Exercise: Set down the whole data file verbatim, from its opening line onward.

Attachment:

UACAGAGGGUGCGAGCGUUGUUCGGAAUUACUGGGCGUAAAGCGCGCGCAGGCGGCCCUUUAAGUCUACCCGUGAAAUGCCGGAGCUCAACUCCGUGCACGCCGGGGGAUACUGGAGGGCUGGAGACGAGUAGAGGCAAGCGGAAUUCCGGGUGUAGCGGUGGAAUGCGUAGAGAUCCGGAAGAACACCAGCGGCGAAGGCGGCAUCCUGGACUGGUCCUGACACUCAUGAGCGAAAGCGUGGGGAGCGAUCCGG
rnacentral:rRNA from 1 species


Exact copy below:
UACAGAGGGUGCGAGCGUUGUUCGGAAUUACUGGGCGUAAAGCGCGCGCAGGCGGCCCUUUAAGUCUACCCGUGAAAUGCCGGAGCUCAACUCCGUGCACGCCGGGGGAUACUGGAGGGCUGGAGACGAGUAGAGGCAAGCGGAAUUCCGGGUGUAGCGGUGGAAUGCGUAGAGAUCCGGAAGAACACCAGCGGCGAAGGCGGCAUCCUGGACUGGUCCUGACACUCAUGAGCGAAAGCGUGGGGAGCGAUCCGG
rnacentral:rRNA from 1 species